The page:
Health Literacy Specialist Certificate Program FAQs
About the Certificate Program
Are there any pre-requisites for the program?
No. Anyone can complete any number of micro-credentials. However, you should have a basic understanding about health literacy prior to taking the course.
What is an assessment-based certificate program?
An assessment-based certificate program means you must complete the program and pass a test to earn a micro-credential and digital badge. You have 3 attempts to pass each exam.
How long does it take to complete each micro-credential?
Each micro-credential varies in length depending on the number topics and lessons. We are gathering this information and will post the approximate time under each micro-credential.
How long do I have to complete the micro-credential?
You have six months from when you begin to complete each micro-credential.
How can I earn a micro-credential?
You earn the micro-credential after completing all course lessons and passing a summative exam. The exam includes multiple-choice and multiple-response questions to assess learning.
What payment options are available?
You can pay online when registering via credit card. You can pay by check by contacting Yolanda Herrera at email@example.com. She can also provide you with an invoice for your purchase.
Is Group or Organizational pricing available?
Yes, if you have 5 or more people that want to register for the certificate program, please contact Beth Scott at firstname.lastname@example.org.
What if I need a Purchase Order?
Please contact Yolanda Herrera at email@example.com.
About the Exams
How do I take the exam?
After completing the lessons, you will be directed to a link to complete an online exam. There are no other methods of conducting the exam (e.g., face to face, paper and pencil), and proctoring is not required. The exam is available 24 hours a day, 7 days a week, allowing you to complete it at your convenience. Once you begin the exam, you must finish it in one sitting. The exam does not have a time limit to complete, and most participants finish in approximately 2 hours. You are allowed 3 attempts to pass the exam.
What is the score to pass the exam?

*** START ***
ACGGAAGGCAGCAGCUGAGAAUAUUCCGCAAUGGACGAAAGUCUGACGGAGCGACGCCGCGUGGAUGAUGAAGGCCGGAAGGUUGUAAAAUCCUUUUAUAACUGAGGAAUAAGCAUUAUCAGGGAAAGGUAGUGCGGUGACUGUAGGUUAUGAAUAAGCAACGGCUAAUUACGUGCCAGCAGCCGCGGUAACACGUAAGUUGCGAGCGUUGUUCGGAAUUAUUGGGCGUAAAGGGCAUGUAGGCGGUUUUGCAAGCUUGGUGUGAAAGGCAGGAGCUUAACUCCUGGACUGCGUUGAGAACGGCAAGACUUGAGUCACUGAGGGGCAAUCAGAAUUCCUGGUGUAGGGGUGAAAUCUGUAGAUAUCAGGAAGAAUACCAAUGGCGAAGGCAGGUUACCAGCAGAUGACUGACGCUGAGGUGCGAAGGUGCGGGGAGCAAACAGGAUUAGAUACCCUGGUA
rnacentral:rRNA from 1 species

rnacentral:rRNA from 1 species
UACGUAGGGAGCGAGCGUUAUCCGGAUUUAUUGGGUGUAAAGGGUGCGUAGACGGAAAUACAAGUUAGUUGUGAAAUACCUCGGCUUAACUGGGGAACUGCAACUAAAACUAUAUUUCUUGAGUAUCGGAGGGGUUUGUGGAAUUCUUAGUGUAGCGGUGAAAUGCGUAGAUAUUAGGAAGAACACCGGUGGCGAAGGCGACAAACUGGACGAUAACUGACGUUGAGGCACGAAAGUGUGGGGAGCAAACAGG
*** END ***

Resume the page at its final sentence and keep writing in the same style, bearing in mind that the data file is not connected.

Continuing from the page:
All exam questions are scored as correct or incorrect. There is no partial credit for multiple response questions when more than one answer is correct. The passing score for each exam was established using a criterion-reference technique called standard setting. During standard setting, a group of at least 8 qualified and trained SMEs met to evaluate each question and recommend the passing score. IHA beta tested the exam questions and used resulting data to inform a final decision regarding an adopted passing score. Immediately after completing the exam, you will be able to access your score report.
How will I know if I passed the exam?
Immediately after completing the exam, you will receive your score report. The report includes your name and the exam score with a pass/no pass indication.
Will I receive a credential after passing the exam?
No. This is a certificate program, not a certification. As such, you will earn a digital badge for each micro-credential after you pass the exam. If you complete all 7 micro-credentials, you will earn a Health Literacy Specialist Certificate.
After Completing the Program
How can I refer to the Health Literacy Specialist Certificate once I earn it?
Once you earn the Health Literacy Specialist Certificate, you:
- may state that you hold a certificate in Health Literacy;
- shall not state that you are certified in Health Literacy; and
- shall not use acronyms or letters after your name in reference to the certificate.
Does the certificate expire?
No. Once you earn the micro-credential, you will keep it forever.
How were the micro-credential exams created?
The HLS Certificate Program was created in strict accordance with Institute for Credentialing Excellence (ICE) 1100 accreditation standards.
To develop the series of micro-credentials and exams, IHA conducted a comprehensive study, called a Job Analysis. The job analysis identified the essential roles and responsibilities related to health literacy. This resulting content formed the foundation of the program. Each exam includes at least 50 multiple-choice and multiple-response items.
Who developed the content for the certificate program?
The training content was developed by subject matter experts (SMEs) with specialized knowledge in the field. Qualified and trained SMEs also participated in standard-setting to establish the passing score.
Program Development Timeline
IHA convened a Job Analysis task force, a diverse, demographically representative panel of subject matter experts (SMEs) and tasked them to answer the question: “What does one need to know, and need to be able to do, in order to be considered a health literacy specialist?”
Knowledge statements and task statements were compiled and sorted by a psychometrics firm and disseminated to members of the health literacy community to vet and validate.
2017 – 2021